6

I have the following Python test code (the arguments to ALS.train are defined elsewhere):

 r1 = (2, 1)
 r2 = (3, 1)
 test = sc.parallelize([r1, r2]) 
 model = ALS.train(ratings, rank, numIter, lmbda)
 predictions = model.predictAll(test)

 print test.take(1)     
 print predictions.count()
 print predictions

Which works, because it has a count of 1 against the predictions variable and outputs:

[(2, 1)]
1
ParallelCollectionRDD[2691] at parallelize at PythonRDD.scala:423

However, when I try and use an RDD I created myself using the following code, it doesn't appear to work anymore:

model = ALS.train(ratings, rank, numIter, lmbda)
validation_data = validation.map(lambda xs: tuple(int(x) for x in xs))
predictions = model.predictAll(validation_data)

print validation_data.take(1)
print predictions.count()
print validation_data

Which outputs:

[(61, 3864)]
0
PythonRDD[4018] at RDD at PythonRDD.scala:43

As you can see, predictAllcomes back empty when passed the mapped RDD. The values going in are both of the same format. The only noticeable difference that I can see is that the first example uses parallelize and produces a ParallelCollectionRDDwhereas the second example just uses a map which produces a PythonRDD. Does predictAll only work if passed a certain type of RDD? If so, is it possible to convert between RDD types? I'm not sure how to get this working.

  • 2
    The first piece of code doesn't mean anything unfortunately. You have 2 entry ratings and 1 predictions output. That's two small to evaluate anything. As for the second part, it's unclear what are your ratings. How many of them they are ? What values are you using for your rank hyper parameter or how many iterations your training is supposed to perform , etc ? Your problem is unlikely to be solved with the provided information. Please read on How to create a Minimal, Complete, and Verifiable example – eliasah May 23 '16 at 5:07
  • The main point is that whilst the prediction in the first piece of code isn't going to be relevant, it still generates a prediction.The 2nd piece of code uses the same ranks and interations and doesn't generate a prediction. The validation data contains 8000 user,product id's. You can see a sample of what they look like in the 2nd output: [(61, 3864)]. Both use the same training data for the ALS model. – sweaves May 23 '16 at 12:26
14
+50

There are two basic conditions under which MatrixFactorizationMode.predictAll may return a RDD with lower number of items than the input:

  • user is missing in the training set.
  • product is missing in the training set.

You can easily reproduce this behavior and check that it is is not dependent on the way how RDD has been created. First lets use example data to build a model:

from pyspark.mllib.recommendation import ALS, MatrixFactorizationModel, Rating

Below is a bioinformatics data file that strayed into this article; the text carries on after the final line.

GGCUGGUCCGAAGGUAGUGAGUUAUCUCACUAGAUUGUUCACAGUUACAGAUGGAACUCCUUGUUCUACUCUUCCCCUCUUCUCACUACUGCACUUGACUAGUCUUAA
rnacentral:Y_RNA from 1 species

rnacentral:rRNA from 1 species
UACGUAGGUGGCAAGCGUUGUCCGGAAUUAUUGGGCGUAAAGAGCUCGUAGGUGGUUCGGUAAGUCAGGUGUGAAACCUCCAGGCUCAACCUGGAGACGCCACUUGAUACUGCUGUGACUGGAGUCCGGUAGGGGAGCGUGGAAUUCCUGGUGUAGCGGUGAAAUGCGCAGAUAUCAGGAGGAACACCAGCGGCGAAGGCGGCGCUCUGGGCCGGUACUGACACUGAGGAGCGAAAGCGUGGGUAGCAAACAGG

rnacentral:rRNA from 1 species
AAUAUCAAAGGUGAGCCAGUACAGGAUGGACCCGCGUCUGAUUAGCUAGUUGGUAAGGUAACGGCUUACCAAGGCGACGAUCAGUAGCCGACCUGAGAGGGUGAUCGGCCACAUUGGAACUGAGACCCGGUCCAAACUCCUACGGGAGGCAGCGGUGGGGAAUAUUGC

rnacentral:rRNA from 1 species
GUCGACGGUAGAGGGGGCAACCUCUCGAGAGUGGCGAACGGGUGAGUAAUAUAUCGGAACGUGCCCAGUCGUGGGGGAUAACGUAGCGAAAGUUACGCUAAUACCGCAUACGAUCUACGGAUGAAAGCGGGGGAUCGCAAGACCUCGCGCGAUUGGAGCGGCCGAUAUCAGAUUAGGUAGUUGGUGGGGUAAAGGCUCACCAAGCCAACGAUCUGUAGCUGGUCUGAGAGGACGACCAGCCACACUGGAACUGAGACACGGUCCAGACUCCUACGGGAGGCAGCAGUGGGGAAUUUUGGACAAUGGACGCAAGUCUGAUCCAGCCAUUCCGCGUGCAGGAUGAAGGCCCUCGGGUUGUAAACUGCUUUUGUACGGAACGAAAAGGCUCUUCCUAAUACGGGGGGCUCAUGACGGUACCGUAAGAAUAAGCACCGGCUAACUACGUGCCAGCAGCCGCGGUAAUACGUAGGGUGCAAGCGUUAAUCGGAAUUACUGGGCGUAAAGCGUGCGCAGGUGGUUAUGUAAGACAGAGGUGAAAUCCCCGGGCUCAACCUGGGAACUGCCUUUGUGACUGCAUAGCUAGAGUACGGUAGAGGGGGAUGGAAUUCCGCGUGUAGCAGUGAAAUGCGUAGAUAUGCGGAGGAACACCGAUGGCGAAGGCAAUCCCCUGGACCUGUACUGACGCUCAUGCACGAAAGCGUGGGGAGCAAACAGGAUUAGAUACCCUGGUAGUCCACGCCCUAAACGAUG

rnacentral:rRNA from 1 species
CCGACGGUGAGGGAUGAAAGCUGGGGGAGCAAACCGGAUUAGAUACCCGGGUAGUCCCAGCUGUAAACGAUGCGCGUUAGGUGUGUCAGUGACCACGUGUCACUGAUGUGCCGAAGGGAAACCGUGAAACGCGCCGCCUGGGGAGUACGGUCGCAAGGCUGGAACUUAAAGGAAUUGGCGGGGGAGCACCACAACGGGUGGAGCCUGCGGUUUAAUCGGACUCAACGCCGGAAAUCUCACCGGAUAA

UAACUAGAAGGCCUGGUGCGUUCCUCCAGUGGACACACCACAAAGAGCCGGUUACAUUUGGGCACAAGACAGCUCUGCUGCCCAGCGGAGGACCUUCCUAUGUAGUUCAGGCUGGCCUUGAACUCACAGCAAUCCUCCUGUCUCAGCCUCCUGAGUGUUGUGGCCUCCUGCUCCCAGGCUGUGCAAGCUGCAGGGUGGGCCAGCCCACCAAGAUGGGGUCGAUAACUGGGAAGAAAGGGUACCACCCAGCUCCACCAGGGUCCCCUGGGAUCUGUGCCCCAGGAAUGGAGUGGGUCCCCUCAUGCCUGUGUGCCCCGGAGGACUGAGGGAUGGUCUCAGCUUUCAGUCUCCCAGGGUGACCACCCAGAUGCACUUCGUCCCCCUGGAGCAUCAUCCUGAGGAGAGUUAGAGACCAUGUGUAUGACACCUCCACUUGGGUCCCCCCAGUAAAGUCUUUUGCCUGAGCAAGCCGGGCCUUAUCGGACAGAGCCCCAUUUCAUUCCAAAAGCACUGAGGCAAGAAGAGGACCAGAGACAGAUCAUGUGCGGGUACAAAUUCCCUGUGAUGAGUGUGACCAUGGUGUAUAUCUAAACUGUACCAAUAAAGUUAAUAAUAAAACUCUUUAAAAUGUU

def parse(s):
    x, y, z  = s.split(",")
    return Rating(int(x), int(y), float(z))

ratings = (sc.textFile("data/mllib/als/test.data")
  .map(parse)
  .union(sc.parallelize([Rating(1, 5, 4.0)])))

model = ALS.train(ratings, 10, 10)

Next lets see which products and users are present in the training data:

set(ratings.map(lambda r: r.product).collect())
## {1, 2, 3, 4, 5}

set(ratings.map(lambda r: r.user).collect())
## {1, 2, 3, 4}

Now lets create test data and check predictions:

valid_test = sc.parallelize([(2, 5), (1, 4), (3, 5)])
valid_test
## ParallelCollectionRDD[434] at parallelize at PythonRDD.scala:423

model.predictAll(valid_test).count()
## 3

So far so good. Next lets map it using the same logic as in your code:

valid_test_ = valid_test.map(lambda xs: tuple(int(x) for x in xs))
valid_test_
## PythonRDD[497] at RDD at PythonRDD.scala:43

model.predictAll(valid_test_).count()
## 3

Still fine. Next lets create invalid data and repeat experiment:

invalid_test = sc.parallelize([
  (2, 6), # No product in the training data
  (6, 1)  # No user in the training data
])
invalid_test 
## ParallelCollectionRDD[500] at parallelize at PythonRDD.scala:423

model.predictAll(invalid_test).count()
## 0 

invalid_test_ = invalid_test.map(lambda xs: tuple(int(x) for x in xs))
model.predictAll(invalid_test_).count()
## 0

As expected there are no predictions for invalid input.

Finally you can confirm this is really the case by using ML model which is completely independent in training / prediction from Python code:

from pyspark.ml.recommendation import ALS as MLALS

model_ml = MLALS(rank=10, maxIter=10).fit(
    ratings.toDF(["user", "item", "rating"])
)
model_ml.transform((valid_test + invalid_test).toDF(["user", "item"])).show()

## +----+----+----------+
## |user|item|prediction|
## +----+----+----------+
## |   6|   1|       NaN|
## |   1|   4| 1.0184212|
## |   2|   5| 4.0041084|
## |   3|   5|0.40498763|
## |   2|   6|       NaN|
## +----+----+----------+

As you can see no corresponding user / item in the training data means no prediction.

  • 2
    Good explanation. Led me to realize my training set was missing users. – sweaves May 25 '16 at 19:48

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